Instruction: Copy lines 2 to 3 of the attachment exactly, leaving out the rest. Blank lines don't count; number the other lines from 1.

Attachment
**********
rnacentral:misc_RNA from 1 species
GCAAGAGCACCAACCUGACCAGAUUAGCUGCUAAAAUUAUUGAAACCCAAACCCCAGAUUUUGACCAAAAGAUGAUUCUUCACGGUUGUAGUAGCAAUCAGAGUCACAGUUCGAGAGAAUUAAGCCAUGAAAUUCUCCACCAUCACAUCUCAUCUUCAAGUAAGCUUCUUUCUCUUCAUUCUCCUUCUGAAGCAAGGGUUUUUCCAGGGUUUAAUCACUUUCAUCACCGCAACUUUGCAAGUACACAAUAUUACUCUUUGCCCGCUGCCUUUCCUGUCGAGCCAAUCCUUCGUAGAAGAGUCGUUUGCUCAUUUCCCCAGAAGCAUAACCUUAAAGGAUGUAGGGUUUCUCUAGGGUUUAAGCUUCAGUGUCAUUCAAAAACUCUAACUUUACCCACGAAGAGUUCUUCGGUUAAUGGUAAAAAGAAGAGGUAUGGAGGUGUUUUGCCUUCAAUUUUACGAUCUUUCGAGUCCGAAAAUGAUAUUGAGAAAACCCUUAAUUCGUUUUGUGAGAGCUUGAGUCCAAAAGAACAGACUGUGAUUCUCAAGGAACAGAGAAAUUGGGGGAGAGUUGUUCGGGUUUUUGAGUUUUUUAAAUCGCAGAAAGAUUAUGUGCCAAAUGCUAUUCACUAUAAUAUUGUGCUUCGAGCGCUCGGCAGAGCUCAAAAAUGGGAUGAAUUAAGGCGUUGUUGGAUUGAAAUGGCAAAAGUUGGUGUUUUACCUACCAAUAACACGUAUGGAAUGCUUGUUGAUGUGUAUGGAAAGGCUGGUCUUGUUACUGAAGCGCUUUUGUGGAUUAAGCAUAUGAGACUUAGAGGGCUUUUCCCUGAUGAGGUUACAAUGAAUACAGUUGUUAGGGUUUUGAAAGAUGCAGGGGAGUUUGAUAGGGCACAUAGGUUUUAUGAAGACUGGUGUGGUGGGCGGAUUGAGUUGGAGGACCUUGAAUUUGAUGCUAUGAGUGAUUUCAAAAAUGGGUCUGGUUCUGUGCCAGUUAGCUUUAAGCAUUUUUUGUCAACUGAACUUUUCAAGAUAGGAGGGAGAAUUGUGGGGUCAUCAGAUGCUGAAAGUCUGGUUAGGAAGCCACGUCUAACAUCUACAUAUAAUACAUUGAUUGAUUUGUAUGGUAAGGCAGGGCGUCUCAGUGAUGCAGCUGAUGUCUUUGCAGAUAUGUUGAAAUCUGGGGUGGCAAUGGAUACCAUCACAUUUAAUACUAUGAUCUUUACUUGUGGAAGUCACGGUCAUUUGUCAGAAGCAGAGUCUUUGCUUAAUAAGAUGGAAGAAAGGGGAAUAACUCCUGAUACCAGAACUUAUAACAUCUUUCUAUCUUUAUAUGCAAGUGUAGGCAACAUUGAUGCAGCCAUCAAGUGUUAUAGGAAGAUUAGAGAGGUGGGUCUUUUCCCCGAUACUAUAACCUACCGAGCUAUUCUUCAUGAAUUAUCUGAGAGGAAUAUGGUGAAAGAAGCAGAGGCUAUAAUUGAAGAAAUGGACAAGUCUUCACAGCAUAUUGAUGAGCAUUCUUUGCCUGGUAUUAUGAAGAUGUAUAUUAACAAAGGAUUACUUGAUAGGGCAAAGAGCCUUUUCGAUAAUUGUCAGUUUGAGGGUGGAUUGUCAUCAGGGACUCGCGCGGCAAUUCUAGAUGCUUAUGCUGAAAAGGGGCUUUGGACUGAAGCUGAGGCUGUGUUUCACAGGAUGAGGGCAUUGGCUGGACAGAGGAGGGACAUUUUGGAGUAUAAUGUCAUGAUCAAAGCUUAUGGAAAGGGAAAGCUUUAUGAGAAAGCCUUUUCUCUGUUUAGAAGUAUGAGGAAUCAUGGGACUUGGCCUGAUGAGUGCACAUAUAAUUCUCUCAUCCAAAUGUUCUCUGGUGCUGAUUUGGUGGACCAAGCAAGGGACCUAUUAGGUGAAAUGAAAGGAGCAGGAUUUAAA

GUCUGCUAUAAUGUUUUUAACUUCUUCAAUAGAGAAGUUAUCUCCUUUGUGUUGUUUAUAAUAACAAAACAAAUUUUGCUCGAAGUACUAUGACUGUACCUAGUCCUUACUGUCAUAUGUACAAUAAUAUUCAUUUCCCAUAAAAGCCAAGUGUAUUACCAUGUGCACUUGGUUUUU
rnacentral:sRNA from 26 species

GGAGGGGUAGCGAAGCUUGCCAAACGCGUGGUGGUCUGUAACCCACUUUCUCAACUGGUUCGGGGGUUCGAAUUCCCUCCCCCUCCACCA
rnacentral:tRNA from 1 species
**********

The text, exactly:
GCAAGAGCACCAACCUGACCAGAUUAGCUGCUAAAAUUAUUGAAACCCAAACCCCAGAUUUUGACCAAAAGAUGAUUCUUCACGGUUGUAGUAGCAAUCAGAGUCACAGUUCGAGAGAAUUAAGCCAUGAAAUUCUCCACCAUCACAUCUCAUCUUCAAGUAAGCUUCUUUCUCUUCAUUCUCCUUCUGAAGCAAGGGUUUUUCCAGGGUUUAAUCACUUUCAUCACCGCAACUUUGCAAGUACACAAUAUUACUCUUUGCCCGCUGCCUUUCCUGUCGAGCCAAUCCUUCGUAGAAGAGUCGUUUGCUCAUUUCCCCAGAAGCAUAACCUUAAAGGAUGUAGGGUUUCUCUAGGGUUUAAGCUUCAGUGUCAUUCAAAAACUCUAACUUUACCCACGAAGAGUUCUUCGGUUAAUGGUAAAAAGAAGAGGUAUGGAGGUGUUUUGCCUUCAAUUUUACGAUCUUUCGAGUCCGAAAAUGAUAUUGAGAAAACCCUUAAUUCGUUUUGUGAGAGCUUGAGUCCAAAAGAACAGACUGUGAUUCUCAAGGAACAGAGAAAUUGGGGGAGAGUUGUUCGGGUUUUUGAGUUUUUUAAAUCGCAGAAAGAUUAUGUGCCAAAUGCUAUUCACUAUAAUAUUGUGCUUCGAGCGCUCGGCAGAGCUCAAAAAUGGGAUGAAUUAAGGCGUUGUUGGAUUGAAAUGGCAAAAGUUGGUGUUUUACCUACCAAUAACACGUAUGGAAUGCUUGUUGAUGUGUAUGGAAAGGCUGGUCUUGUUACUGAAGCGCUUUUGUGGAUUAAGCAUAUGAGACUUAGAGGGCUUUUCCCUGAUGAGGUUACAAUGAAUACAGUUGUUAGGGUUUUGAAAGAUGCAGGGGAGUUUGAUAGGGCACAUAGGUUUUAUGAAGACUGGUGUGGUGGGCGGAUUGAGUUGGAGGACCUUGAAUUUGAUGCUAUGAGUGAUUUCAAAAAUGGGUCUGGUUCUGUGCCAGUUAGCUUUAAGCAUUUUUUGUCAACUGAACUUUUCAAGAUAGGAGGGAGAAUUGUGGGGUCAUCAGAUGCUGAAAGUCUGGUUAGGAAGCCACGUCUAACAUCUACAUAUAAUACAUUGAUUGAUUUGUAUGGUAAGGCAGGGCGUCUCAGUGAUGCAGCUGAUGUCUUUGCAGAUAUGUUGAAAUCUGGGGUGGCAAUGGAUACCAUCACAUUUAAUACUAUGAUCUUUACUUGUGGAAGUCACGGUCAUUUGUCAGAAGCAGAGUCUUUGCUUAAUAAGAUGGAAGAAAGGGGAAUAACUCCUGAUACCAGAACUUAUAACAUCUUUCUAUCUUUAUAUGCAAGUGUAGGCAACAUUGAUGCAGCCAUCAAGUGUUAUAGGAAGAUUAGAGAGGUGGGUCUUUUCCCCGAUACUAUAACCUACCGAGCUAUUCUUCAUGAAUUAUCUGAGAGGAAUAUGGUGAAAGAAGCAGAGGCUAUAAUUGAAGAAAUGGACAAGUCUUCACAGCAUAUUGAUGAGCAUUCUUUGCCUGGUAUUAUGAAGAUGUAUAUUAACAAAGGAUUACUUGAUAGGGCAAAGAGCCUUUUCGAUAAUUGUCAGUUUGAGGGUGGAUUGUCAUCAGGGACUCGCGCGGCAAUUCUAGAUGCUUAUGCUGAAAAGGGGCUUUGGACUGAAGCUGAGGCUGUGUUUCACAGGAUGAGGGCAUUGGCUGGACAGAGGAGGGACAUUUUGGAGUAUAAUGUCAUGAUCAAAGCUUAUGGAAAGGGAAAGCUUUAUGAGAAAGCCUUUUCUCUGUUUAGAAGUAUGAGGAAUCAUGGGACUUGGCCUGAUGAGUGCACAUAUAAUUCUCUCAUCCAAAUGUUCUCUGGUGCUGAUUUGGUGGACCAAGCAAGGGACCUAUUAGGUGAAAUGAAAGGAGCAGGAUUUAAA

GUCUGCUAUAAUGUUUUUAACUUCUUCAAUAGAGAAGUUAUCUCCUUUGUGUUGUUUAUAAUAACAAAACAAAUUUUGCUCGAAGUACUAUGACUGUACCUAGUCCUUACUGUCAUAUGUACAAUAAUAUUCAUUUCCCAUAAAAGCCAAGUGUAUUACCAUGUGCACUUGGUUUUU